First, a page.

Playing With Markers
by Julie Dawn
I fumbled for a marker. Damn Backpack.
“Hurry up. You’re going to get us busted,” Lila said as she smacked her gum.
“Would you quit that?” I whispered, but it echoed off the graffitied walls. The school had been abandoned when grandfather was young. He won’t talk about it, it’s like asking him about the war. Mom says he was changed by the war, he saw things, and I mustn’t talk about it with him.
A long hallway was the only other entrance into the bathroom we were in—other then the broken window we had entered through. It probably led to the classrooms, decorated with picture books and ABC banners. I thought about my days in elementary school, the conformity—the long hours staring out of the windows—the boredom.
Something moved—banged, rolled?—in the hallway. A can, beer bottle?
Lila elbowed me.
There was no way I had come this far to give up now. Probably a stupid mouse.
Lila elbowed me again.
The bottle clinked against the wall. Vibrations rippled through the abandoned school. The floor beneath our feet moved.
Lila’s hand slid off my arm as she fell to the tiled floor.
I glanced at the hallway, but I couldn’t tell. There didn’t seem to be anybody there. Then I thought I saw a … no. There was nothing. Shit. Mom and Dad had warned me to never go to the old school at the top of the hill, through the forest, and set beside the most gorgeous lake one’s eyes could lay upon, glistening beyond the broken window.
In the doorway, a shadow appeared. It looked like a man, only bigger. Its shoulders blocked the threshold.
“Shit.” Lila climbed to her feet and ran past me, to the broken window, clearing it with one jump.
The shadow raised its chest. When it fell back down, another ripple of vibrations crashed over the room. My weight shifted onto my heels and pushed me back, stumbling, caught against a sink.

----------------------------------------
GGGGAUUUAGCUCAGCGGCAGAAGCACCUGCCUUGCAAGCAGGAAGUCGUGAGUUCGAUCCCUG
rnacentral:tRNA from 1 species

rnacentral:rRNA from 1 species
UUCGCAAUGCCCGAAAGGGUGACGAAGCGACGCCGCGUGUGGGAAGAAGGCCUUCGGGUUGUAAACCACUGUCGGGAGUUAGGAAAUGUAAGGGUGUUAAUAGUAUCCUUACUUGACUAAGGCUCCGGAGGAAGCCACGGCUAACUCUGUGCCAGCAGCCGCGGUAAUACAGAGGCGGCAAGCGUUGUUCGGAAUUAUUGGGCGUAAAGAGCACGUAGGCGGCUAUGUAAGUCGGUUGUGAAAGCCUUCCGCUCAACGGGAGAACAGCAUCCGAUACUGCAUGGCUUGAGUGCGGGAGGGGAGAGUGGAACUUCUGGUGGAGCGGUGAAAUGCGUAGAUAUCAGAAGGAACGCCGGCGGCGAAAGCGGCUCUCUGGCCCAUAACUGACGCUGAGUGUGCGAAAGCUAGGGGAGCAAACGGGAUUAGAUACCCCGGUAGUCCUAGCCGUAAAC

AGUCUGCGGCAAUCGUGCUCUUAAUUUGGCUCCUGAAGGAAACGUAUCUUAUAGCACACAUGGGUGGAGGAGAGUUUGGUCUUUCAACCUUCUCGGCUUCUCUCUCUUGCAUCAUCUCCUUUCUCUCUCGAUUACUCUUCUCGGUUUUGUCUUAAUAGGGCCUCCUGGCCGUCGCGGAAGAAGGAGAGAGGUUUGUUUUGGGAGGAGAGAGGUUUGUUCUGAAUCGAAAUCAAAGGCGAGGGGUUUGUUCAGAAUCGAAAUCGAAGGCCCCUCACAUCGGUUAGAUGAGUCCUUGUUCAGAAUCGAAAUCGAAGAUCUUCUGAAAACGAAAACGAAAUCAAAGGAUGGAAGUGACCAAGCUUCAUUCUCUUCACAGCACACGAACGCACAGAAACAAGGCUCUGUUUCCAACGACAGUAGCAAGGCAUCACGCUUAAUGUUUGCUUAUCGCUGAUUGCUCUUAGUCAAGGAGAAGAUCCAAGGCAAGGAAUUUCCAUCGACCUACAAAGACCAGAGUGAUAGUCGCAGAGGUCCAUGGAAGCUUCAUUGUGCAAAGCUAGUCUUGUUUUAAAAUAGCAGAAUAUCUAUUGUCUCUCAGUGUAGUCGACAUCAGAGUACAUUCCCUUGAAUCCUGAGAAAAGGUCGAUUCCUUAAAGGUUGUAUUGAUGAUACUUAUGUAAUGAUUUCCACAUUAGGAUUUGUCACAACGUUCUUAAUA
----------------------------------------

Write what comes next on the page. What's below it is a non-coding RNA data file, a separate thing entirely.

Lila screamed out my name. I looked at her, but her eyes led me back to the man—now charging me. He rushed me, full force, and then disappeared. A gust of wind puffed against my face. He vanished right in front of my fucking eyes.
I looked at Lila, but she was gone. I can’t believe she left me. I glanced back at the doorway—nothing. A chill rippled down my spin. I grabbed the straps of my backpack and took a step to leave—run like hell—and then yell at Lila for being such a punk. I took another step, but the weight of the marker in my backpack restrained me—stopped me.
Fuck it. I’m doing it. I can’t believe I just said fuck. Man, mom would kill me if she …. I dug through the bag. Where is it? I pushed maxi pads, pencils, and my phone out of the way and then … there it was. I grabbed the marker, but as my fingers tightened, I felt weird. Whatever. I shook my hands out and pressed the marker against the mirror.
A glass bottle rolled down the hallway.
My throat knotted.
The bottle clinked against the wall.
Julie Dawn grew up in southern Jersey, spending the summers collecting bee stingers in her feet. After graduating from Richard Stockton College, she dipped her toes in the environmental field for a few years, got married, moved to North Carolina, and finally got to become a mom. Four years of living in state parks was enough to make her relocate to the Oregon Coast. Under bright stars, she started writing again, determined to change the world one story at a time.
Yosemite Rising: A Zombie Novel by Julie Dawn
A legend that will change the world.
It’s been 150 years since the Ahwahnee Indians lived where Yosemite National Park now stands. Their last surviving Chief appears to Elizabeth Hutchings, a twenty-year-old biology student, the very day her parents die. Within 24 hours, she too is clinging to life as his whispers echo in her thoughts.
An ancient prophecy has begun. A plague rips through the world’s population, taking everyone and everything she has ever cared about. As agents of a mysterious organization called Meadowlark hunt her, she must find the strength to fight the infected even as she struggles to keep herself alive.
Just when she thinks she can’t go on, a man from her past arrives. He holds the key to understanding the prophecy. If she can unravel its secrets, she not only may change her own fate—but the fate of the entire world.